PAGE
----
Contested Histories: Art and Artifacts from the Allen Hendershott Eaton Collection was on display at the Japanese American National Museum January 7 – April 8, 2018.
Visit janm.org/contested-histories for more information about the Eaton Collection, the pop-up display, and travel schedule.
The Japanese American National Museum presents Hello! Exploring the Supercute World of Hello Kitty, the first large-scale Hello Kitty museum retrospective in the United States.
Organized as part of the global icon’s 40th-anniversary celebrations, the exhibition examines the colorful history of Hello Kitty and her influence on popular culture. Hello! includes an extensive product survey, with rare and unique items from the Sanrio archives, alongside a selection of innovative contemporary artworks inspired by Hello Kitty and her world.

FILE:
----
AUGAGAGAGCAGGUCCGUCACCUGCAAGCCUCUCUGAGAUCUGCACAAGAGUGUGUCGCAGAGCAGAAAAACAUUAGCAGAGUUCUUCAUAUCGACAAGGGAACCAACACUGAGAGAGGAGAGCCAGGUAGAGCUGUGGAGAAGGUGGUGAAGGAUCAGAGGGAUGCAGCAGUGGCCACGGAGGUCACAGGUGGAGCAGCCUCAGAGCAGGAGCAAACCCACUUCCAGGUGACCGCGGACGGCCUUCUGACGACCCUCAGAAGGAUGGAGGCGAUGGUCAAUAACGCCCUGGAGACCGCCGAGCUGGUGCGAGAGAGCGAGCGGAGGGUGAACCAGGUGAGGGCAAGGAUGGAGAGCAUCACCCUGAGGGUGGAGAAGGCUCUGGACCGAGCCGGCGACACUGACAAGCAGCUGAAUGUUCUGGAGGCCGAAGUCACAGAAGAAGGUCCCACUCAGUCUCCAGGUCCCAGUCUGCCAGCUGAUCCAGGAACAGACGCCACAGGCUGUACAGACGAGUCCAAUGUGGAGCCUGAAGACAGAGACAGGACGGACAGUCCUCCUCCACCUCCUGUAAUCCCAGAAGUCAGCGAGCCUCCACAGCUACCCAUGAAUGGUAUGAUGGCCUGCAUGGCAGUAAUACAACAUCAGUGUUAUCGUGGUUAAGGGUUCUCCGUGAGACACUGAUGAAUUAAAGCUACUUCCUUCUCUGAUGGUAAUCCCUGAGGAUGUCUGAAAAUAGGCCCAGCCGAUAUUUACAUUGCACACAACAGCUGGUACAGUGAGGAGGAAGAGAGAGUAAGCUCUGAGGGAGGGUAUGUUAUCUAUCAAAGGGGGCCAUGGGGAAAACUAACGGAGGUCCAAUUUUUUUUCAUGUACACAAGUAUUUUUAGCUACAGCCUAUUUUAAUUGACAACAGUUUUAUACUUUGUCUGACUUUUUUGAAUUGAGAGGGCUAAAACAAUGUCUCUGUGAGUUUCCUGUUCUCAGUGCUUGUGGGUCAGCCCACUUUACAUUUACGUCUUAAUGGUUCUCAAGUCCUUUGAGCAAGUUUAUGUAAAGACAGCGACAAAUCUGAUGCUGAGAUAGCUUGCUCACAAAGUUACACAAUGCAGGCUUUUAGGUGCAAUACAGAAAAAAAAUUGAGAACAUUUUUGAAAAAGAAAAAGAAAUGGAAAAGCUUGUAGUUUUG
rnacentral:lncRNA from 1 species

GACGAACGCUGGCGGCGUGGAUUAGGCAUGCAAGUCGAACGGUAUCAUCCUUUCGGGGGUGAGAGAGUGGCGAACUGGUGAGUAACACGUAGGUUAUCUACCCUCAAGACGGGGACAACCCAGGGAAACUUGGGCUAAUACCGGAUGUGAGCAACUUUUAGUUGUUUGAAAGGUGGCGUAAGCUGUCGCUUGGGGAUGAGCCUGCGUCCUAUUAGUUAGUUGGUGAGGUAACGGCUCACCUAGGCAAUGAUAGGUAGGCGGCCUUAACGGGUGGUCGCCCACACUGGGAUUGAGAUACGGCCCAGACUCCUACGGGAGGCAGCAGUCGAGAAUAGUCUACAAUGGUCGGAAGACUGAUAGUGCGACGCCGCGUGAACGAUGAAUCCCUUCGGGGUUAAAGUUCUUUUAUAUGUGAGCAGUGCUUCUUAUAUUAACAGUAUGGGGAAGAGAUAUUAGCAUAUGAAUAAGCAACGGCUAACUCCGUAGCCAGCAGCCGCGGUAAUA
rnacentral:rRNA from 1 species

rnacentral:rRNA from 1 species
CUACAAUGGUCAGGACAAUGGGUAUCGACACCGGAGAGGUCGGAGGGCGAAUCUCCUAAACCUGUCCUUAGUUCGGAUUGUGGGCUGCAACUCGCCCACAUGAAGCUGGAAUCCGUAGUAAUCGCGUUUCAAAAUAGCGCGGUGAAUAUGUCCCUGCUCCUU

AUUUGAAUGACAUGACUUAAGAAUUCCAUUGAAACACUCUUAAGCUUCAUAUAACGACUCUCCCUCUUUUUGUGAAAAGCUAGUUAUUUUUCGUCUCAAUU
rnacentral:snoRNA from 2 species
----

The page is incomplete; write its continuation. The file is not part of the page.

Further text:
This exhibition was first displayed at the Japanese American National Museum from October 11, 2014 to May 31, 2015.
Please visit www.epicexhibitions.com/project-hellokitty for booking information.
Susumu “Sus” Ito’s World War II photographs document his tour of duty through Europe as a member of the celebrated all-Japanese American 442nd Regimental Combat Team’s 522nd Field Artillery Battalion.
While Ito participated in such dramatic events as the rescue of the Lost Battalion and the liberation of a subcamp of Dachau, these rare and breathtaking images, taken with a prohibited camera, capture the humble daily lives of young Japanese American soldiers serving in a segregated unit. Theu are seen posing next to their jeeps, walking in the snow, swimming in a river, playing chess, and even visiting tourist destinations while on leave.